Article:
Mentoring relationships as a protective factor for pregnant and parenting African-American teenagers

Screen Shot 2013-03-02 at 3.57.53 PMKlaw, E., & Rhodes, J. (1995). Mentor relationships and the career development of pregnant and parenting African-American teenagers. Psychology of Women Quarterly, 19, 551-562.

Mentoring relationships as a protective factor for pregnant and parenting African-American teenagers


Growing up, African American young women — specifically those who are pregnant or already parenting — disproportionately face a myriad of challenges including racial and gender discrimination as well as economic hardship (Zabin & Hayward, 1993). Despite the odds, many of these women are able to achieve academically and retain optimism about their future (Ahn, 1994; Scott-Jones, Roland, & White, 1989; Upchurch & McCarthy, 1990). Klaw and Rhodes investigate how the support of natural mentors, those that emerge from their own support network, help contribute to the resiliency of these at-risk adolescents.


African- American female adolescents  (N=204) were recruited from a school for pregnant and parenting students. The students were interviewed for approximately 2 hours and were questioned on the following topics: mentor support, career aspirations and actual career expectations, current career related activities, beliefs about opportunities for individuals like themselves in their community, and life optimism.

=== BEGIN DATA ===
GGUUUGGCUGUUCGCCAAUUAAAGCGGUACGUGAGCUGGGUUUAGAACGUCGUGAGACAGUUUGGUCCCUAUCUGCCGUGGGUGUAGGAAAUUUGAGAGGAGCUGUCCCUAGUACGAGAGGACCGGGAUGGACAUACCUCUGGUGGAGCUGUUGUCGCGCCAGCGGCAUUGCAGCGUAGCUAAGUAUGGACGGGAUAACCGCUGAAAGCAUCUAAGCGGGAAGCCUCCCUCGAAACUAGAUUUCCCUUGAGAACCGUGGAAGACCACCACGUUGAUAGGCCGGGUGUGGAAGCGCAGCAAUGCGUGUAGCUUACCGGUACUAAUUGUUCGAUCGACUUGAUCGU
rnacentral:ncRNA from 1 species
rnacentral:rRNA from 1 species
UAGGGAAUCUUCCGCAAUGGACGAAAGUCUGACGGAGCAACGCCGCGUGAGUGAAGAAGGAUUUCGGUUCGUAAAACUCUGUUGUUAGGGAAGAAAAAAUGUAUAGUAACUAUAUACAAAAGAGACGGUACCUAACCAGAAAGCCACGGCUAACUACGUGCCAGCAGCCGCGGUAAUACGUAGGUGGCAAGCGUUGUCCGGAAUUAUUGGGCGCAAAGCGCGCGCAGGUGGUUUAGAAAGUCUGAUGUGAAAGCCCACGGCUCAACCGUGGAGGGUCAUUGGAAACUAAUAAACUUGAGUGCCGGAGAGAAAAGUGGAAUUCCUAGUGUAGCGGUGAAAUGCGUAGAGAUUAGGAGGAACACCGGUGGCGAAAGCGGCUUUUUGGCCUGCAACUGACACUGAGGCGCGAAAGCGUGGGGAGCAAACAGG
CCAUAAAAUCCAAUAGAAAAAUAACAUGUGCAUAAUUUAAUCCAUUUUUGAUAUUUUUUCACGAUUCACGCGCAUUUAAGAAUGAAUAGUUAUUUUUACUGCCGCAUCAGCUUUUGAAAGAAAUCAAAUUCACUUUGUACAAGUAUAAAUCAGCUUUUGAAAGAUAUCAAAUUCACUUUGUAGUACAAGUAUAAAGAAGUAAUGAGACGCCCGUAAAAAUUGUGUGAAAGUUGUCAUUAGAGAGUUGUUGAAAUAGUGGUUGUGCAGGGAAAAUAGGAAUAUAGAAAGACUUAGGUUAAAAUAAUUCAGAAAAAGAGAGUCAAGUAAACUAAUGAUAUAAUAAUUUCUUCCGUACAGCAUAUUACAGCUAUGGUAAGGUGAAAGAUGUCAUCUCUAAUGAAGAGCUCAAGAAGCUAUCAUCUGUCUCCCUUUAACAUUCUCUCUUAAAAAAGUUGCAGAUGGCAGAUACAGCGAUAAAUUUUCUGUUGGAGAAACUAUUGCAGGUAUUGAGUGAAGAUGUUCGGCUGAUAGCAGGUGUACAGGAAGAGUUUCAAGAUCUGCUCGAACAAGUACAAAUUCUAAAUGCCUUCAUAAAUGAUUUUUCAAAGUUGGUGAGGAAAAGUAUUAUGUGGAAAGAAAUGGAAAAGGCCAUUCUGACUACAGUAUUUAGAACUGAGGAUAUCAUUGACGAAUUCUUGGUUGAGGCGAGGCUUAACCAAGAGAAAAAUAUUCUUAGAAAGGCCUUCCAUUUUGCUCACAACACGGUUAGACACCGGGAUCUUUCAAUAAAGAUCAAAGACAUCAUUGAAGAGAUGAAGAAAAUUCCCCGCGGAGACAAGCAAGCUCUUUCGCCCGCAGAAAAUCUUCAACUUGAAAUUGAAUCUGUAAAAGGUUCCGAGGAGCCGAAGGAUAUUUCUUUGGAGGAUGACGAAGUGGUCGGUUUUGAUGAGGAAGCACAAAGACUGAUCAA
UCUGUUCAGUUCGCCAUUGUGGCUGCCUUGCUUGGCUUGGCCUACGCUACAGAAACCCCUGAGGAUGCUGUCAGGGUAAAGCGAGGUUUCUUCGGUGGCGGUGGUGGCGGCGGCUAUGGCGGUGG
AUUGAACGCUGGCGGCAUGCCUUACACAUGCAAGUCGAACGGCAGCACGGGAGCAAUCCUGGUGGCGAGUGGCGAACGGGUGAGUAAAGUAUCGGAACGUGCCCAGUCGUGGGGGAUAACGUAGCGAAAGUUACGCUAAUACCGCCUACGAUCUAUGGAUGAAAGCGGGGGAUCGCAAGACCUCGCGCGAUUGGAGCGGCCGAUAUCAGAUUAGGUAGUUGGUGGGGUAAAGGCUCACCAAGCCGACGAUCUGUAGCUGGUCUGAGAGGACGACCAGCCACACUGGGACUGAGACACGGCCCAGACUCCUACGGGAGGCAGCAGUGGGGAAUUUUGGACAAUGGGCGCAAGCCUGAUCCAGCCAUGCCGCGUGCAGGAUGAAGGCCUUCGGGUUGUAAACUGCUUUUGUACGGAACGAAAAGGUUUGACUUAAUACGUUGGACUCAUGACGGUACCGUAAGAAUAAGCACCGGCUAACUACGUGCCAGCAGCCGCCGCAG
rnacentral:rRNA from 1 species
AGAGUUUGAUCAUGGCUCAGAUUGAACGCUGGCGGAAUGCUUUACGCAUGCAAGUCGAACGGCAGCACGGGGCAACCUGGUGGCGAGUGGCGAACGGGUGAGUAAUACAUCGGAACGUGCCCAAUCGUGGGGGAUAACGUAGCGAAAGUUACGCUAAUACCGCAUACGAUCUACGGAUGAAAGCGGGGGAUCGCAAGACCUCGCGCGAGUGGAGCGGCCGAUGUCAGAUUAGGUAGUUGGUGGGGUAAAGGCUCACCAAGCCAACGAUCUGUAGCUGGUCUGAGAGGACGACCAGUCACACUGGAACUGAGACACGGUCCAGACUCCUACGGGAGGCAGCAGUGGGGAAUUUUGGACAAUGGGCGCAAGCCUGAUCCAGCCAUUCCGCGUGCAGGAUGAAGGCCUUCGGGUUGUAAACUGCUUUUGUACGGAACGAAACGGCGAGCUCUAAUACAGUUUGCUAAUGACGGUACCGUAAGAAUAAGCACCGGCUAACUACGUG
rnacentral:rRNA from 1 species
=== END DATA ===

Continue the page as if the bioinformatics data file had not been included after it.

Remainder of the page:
Over half (57.8%) of the participants indicated that they had an adult whom they considered a mentor in their lives with aunts and grandmothers being the most common natural mentors. Nearly half of the teen girls reported daily interaction with their mentors with most others seeing their mentors at least once a week.  Mentor support was found to be significantly related with involvement in career related activities, positive beliefs about community opportunities, and increased optimism. Surprisingly, there was no significant association between mentor support and a decreased career aspiration – expectation gap; accordingly, only 27% reported career expectations lower than their aspirations.


Overall, this study works to establish natural mentors as an important factor in promoting resiliency across multiple domains for the population of interest. Specifically, the proposed model implies that the support of mentors can positively influence optimism by both increasing career-related activities and belief in positive opportunities.


By moving beyond the limits of a deficit-oriented approach, Klaw and Rhodes are able to highlight the strengths and uncover the utility of natural mentors as a support mechanism for this frequently discriminated against group of African American adolescents. Although other important factors such as health and child care, and opportunities for education and employment are necessary, natural mentor relationships are thought to be particularly influential in African-American families due to the emphasis placed on kinship networks (Hill, 1972; Taylor, Casten, & Flickinger, 1993; Wilson, 1986) thus increasing their role as a potential protective factor and should therefore be considered for future interventions.

Summarized by Laura Yoviene, Ph.D. student in Clinical Psychology